Jeff Reichert (Remote Area Medical) Talks Asif Kapadia’s Amy

This impressive documentary portrait of the late singer's life seeks to tell a definitive story, rather than asking what the story might be.

How do we measure the success of a film like Amy? Should we ask of an all-archival biographical documentary like this one that it do more than provide an accurate, lightly aestheticized recounting? If not, Asif Kapadia’s film acquits itself quite well; few viewers who sit through its 130-minute running time will leave this handsome, clever production without a basic understanding of the chronology and events surrounding Amy Winehouse’s rise to fame, subsequent fall from grace and ignoble end. Kapadia has taken a wealth of archival material, mixed in sound bites drawn from new interviews conducted with all the major players of his drama (save one, of course), blended in bits of tasteful scoring and the occasional visual flourish — a bit of slow motion here, an artificial zoom there — and arranged them like puzzle pieces fallen into logical, inexorable place. The construction that is Amy has the weight of the definitive.

This is something of a shame, for, as we learn throughout the film, Amy herself was never a fan of the definite, was herself always provisional, always looking for avenues of reinvention in her music and life. A Jewish girl from North London blessed (and ultimately cursed) with a singing voice decades beyond her years, the Amy Winehouse that we glimpse in the margins of Amy is not only innately talented, she is a hard-working artist well aware of her gift-from-above vocal chords, determined to push that gift in a variety of directions: jazz, girl-group pop, garage, rap, rock. This Amy — the one who nonchalantly dazzles while accompanying herself on an acoustic guitar in a record label office, dashes off hit songs in a matter of hours and surprises Tony Bennett with obsessive perfectionism during a duet session — could have been the star of a much different Amy. The Amy Winehouse who Kapadia has provided us, however, hews closely to the official media narrative of the tragic train-wreck diva, preternaturally talented, yes, but always doomed.

While Amy does offer candid glimpses of Winehouse goofing with friends far from the glaring limelight, placed at judiciously spaced intervals (her impersonation of a Latino houseboy is most amusing), these snatches of elevated access aren’t enough to shake a creeping sense of familiarity throughout. Does wallpapering over interviews with more archival material and running to a distended length constitute a significant break from the average episode of Behind the Music? Amy’s recognizable, easily legible narrative structure is its backbone, and the source of its remarkable forward momentum (even at over two hours in length, the film mostly breezes by), but also its weakest link. It has the sense of a film obsessed with trying to “get the story right” as opposed to asking “what might the story be?” and answering for itself. Thus Winehouse’s regrettable, probably avoidable and already well-documented slide into addiction swamps most of what novel, heretofore unseen material Amy offers.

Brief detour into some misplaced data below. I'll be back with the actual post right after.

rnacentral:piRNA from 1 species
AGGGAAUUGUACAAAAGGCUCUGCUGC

Amy is not wholly lacking in perspective, however. A biting late-film sequence jams together a litany of jokes made by major media figures at the increasingly erratic Winehouse’s expense. Few will be surprised that Jay Leno, who’d highlighted Amy on his show during her rise, took the opportunity to kick her, a bulimic addict from a broken home, while on her way down only a short time later. George Lopez, himself an alcoholic, gallingly, hypocritically, mocks her from the podium moments after announcing her Grammy nomination for Record of the Year. Looking on approvingly is Dave Grohl, who, perhaps more than anyone in music (except maybe Krist Novoselic), should know better. When Kapadia allows himself to digress like this from his relentless master narrative, it pays cinematic dividends — different shots, edited together in sequence creating meaning contained in none of them individually. Sadly, these moments are rare because of how thoroughly story is prioritized.

Telling a compelling tale via a collection of footage captured for wildly different ends is nothing to sniff at, and Kapadia is due credit for his achievement here. Amy is smart but too straight-laced to ever feel imaginative or inspired. Kapadia likely never would have had the room to muck around with Winehouse’s life story in, say, the fashion in which Chris Marker treated his own footage as an archive in Sans Soleil. A better model might have been something such as Sergei Loznitsa’s Blockade, which used the rarely seen archival record of the siege of St. Petersburg to create an elliptical, poetic WWII document.

Many nonfiction films shy away from truly grappling with their archival material, preferring to slot it in neatly, usually unobtrusively, to finish off a sequence or underline a point or, worst, with an eye toward conjuring crass ironies. Ask not what your archival footage can do for you, documentarians! Ask what you can do to your archival footage. Kapadia might have been better served throughout by being more aggressive with his material, but at least he exhibits the good sense to let a perfect image linger when it counts. Late in Amy, we watch as Winehouse, sober and looking as healthy as she has all film, wins her Record of the Year Grammy. Her honest surprise, captured in a long slow zoom, is the kind of human image the media and paparazzi can’t account for, and all the reason why a film like Amy need exist.

Jeff Reichert is a documentary filmmaker whose work includes Gerrymandering (2010), Remote Area Medical (2013), and This Time Next Year (2014). He is the co-founder and editor of Reverse Shot.